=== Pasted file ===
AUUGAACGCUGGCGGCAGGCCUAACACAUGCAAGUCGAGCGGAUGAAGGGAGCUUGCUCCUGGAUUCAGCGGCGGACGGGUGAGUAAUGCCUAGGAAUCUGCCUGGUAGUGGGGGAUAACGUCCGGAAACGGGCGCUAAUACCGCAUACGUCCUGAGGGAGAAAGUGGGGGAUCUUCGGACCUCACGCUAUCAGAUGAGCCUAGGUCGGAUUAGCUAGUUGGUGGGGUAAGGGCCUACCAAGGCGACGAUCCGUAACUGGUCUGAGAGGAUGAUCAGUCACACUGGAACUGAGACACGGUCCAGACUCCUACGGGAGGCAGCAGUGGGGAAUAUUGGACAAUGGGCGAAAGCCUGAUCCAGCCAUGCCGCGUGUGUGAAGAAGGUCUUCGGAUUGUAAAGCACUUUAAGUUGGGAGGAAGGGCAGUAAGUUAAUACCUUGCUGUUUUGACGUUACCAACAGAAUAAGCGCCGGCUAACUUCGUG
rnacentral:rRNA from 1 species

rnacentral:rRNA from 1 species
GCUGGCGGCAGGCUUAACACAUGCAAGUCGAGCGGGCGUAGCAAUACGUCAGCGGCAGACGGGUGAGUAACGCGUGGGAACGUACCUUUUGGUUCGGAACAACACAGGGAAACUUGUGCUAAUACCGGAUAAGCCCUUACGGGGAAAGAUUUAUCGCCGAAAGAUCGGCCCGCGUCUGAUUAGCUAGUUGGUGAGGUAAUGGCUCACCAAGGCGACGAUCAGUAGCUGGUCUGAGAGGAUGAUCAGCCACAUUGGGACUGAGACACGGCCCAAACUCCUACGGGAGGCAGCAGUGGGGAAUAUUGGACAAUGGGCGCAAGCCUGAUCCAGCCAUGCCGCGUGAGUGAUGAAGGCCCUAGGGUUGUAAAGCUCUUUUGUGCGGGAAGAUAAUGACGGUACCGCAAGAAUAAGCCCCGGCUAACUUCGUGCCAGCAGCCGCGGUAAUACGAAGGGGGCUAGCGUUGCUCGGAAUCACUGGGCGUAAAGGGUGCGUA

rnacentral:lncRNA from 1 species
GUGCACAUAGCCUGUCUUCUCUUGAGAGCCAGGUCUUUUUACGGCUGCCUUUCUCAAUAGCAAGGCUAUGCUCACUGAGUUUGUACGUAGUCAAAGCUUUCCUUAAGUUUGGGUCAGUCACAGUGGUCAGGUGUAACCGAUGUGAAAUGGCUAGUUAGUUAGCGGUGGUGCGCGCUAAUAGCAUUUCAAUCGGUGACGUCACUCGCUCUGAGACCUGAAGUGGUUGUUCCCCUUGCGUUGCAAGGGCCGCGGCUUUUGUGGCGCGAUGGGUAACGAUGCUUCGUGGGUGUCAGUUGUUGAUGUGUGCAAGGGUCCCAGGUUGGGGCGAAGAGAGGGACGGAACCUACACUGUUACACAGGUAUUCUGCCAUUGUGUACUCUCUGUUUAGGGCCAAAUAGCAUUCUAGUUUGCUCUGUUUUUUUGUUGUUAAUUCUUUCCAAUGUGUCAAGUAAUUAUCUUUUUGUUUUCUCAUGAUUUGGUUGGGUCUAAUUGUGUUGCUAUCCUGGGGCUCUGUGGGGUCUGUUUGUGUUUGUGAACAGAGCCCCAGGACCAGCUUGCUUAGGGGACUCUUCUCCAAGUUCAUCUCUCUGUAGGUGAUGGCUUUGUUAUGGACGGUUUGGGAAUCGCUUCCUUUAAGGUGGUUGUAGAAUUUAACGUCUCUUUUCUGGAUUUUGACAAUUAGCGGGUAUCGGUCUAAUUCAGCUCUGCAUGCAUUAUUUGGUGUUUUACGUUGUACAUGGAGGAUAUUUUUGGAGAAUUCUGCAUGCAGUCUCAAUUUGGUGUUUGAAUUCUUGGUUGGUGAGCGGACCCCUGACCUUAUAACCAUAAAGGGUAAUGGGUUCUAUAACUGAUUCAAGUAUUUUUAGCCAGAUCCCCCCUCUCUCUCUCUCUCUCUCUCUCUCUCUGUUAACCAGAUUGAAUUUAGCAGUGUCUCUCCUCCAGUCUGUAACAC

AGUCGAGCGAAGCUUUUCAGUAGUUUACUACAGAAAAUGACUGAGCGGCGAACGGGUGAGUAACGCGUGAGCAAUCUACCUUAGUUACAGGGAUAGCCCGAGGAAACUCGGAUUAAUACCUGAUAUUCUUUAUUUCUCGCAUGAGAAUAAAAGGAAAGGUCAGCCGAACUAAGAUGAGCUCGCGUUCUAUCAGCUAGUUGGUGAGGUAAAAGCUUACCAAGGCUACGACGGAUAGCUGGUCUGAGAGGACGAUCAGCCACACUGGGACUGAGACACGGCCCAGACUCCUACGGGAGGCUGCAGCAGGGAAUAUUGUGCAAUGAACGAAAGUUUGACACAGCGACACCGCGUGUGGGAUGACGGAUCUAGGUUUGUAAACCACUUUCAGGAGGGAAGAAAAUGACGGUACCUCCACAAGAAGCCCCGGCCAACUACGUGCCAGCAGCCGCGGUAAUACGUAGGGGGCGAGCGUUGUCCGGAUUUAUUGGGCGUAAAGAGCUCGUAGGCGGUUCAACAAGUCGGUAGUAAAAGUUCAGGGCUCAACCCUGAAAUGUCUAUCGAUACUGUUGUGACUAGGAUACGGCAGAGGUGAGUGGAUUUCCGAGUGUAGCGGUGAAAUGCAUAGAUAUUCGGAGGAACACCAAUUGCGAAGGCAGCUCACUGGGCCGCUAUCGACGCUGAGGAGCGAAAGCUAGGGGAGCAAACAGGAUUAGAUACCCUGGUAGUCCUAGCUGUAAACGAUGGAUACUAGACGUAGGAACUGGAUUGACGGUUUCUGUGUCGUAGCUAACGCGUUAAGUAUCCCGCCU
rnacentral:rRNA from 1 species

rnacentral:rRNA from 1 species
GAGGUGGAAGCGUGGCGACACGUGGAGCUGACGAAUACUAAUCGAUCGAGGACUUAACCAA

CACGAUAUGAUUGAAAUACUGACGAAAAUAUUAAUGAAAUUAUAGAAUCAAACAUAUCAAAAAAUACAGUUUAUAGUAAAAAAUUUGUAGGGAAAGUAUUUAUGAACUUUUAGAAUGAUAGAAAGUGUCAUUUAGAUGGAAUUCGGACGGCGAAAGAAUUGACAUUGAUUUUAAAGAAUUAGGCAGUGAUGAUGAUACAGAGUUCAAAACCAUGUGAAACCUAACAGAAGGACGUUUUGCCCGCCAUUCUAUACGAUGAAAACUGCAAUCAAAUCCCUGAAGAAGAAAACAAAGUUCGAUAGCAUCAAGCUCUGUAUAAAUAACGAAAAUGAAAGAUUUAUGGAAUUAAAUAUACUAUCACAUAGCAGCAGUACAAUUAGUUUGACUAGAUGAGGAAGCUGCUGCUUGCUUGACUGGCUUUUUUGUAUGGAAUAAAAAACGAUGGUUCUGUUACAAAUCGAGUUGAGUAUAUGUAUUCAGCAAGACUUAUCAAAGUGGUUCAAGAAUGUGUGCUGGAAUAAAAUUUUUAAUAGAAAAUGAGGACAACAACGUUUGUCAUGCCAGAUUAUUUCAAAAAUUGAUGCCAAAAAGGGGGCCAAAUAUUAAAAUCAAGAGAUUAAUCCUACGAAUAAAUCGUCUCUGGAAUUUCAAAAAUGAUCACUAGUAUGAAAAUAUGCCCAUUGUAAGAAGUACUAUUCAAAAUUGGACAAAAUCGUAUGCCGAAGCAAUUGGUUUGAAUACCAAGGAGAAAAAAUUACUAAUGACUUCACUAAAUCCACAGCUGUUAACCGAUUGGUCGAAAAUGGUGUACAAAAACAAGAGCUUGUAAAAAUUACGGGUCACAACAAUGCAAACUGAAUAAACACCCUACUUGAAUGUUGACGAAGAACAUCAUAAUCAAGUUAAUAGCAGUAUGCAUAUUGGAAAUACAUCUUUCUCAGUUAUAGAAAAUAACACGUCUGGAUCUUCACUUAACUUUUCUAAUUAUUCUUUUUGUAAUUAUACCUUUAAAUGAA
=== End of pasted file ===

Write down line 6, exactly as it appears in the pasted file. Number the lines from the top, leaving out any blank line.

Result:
GUGCACAUAGCCUGUCUUCUCUUGAGAGCCAGGUCUUUUUACGGCUGCCUUUCUCAAUAGCAAGGCUAUGCUCACUGAGUUUGUACGUAGUCAAAGCUUUCCUUAAGUUUGGGUCAGUCACAGUGGUCAGGUGUAACCGAUGUGAAAUGGCUAGUUAGUUAGCGGUGGUGCGCGCUAAUAGCAUUUCAAUCGGUGACGUCACUCGCUCUGAGACCUGAAGUGGUUGUUCCCCUUGCGUUGCAAGGGCCGCGGCUUUUGUGGCGCGAUGGGUAACGAUGCUUCGUGGGUGUCAGUUGUUGAUGUGUGCAAGGGUCCCAGGUUGGGGCGAAGAGAGGGACGGAACCUACACUGUUACACAGGUAUUCUGCCAUUGUGUACUCUCUGUUUAGGGCCAAAUAGCAUUCUAGUUUGCUCUGUUUUUUUGUUGUUAAUUCUUUCCAAUGUGUCAAGUAAUUAUCUUUUUGUUUUCUCAUGAUUUGGUUGGGUCUAAUUGUGUUGCUAUCCUGGGGCUCUGUGGGGUCUGUUUGUGUUUGUGAACAGAGCCCCAGGACCAGCUUGCUUAGGGGACUCUUCUCCAAGUUCAUCUCUCUGUAGGUGAUGGCUUUGUUAUGGACGGUUUGGGAAUCGCUUCCUUUAAGGUGGUUGUAGAAUUUAACGUCUCUUUUCUGGAUUUUGACAAUUAGCGGGUAUCGGUCUAAUUCAGCUCUGCAUGCAUUAUUUGGUGUUUUACGUUGUACAUGGAGGAUAUUUUUGGAGAAUUCUGCAUGCAGUCUCAAUUUGGUGUUUGAAUUCUUGGUUGGUGAGCGGACCCCUGACCUUAUAACCAUAAAGGGUAAUGGGUUCUAUAACUGAUUCAAGUAUUUUUAGCCAGAUCCCCCCUCUCUCUCUCUCUCUCUCUCUCUCUCUGUUAACCAGAUUGAAUUUAGCAGUGUCUCUCCUCCAGUCUGUAACAC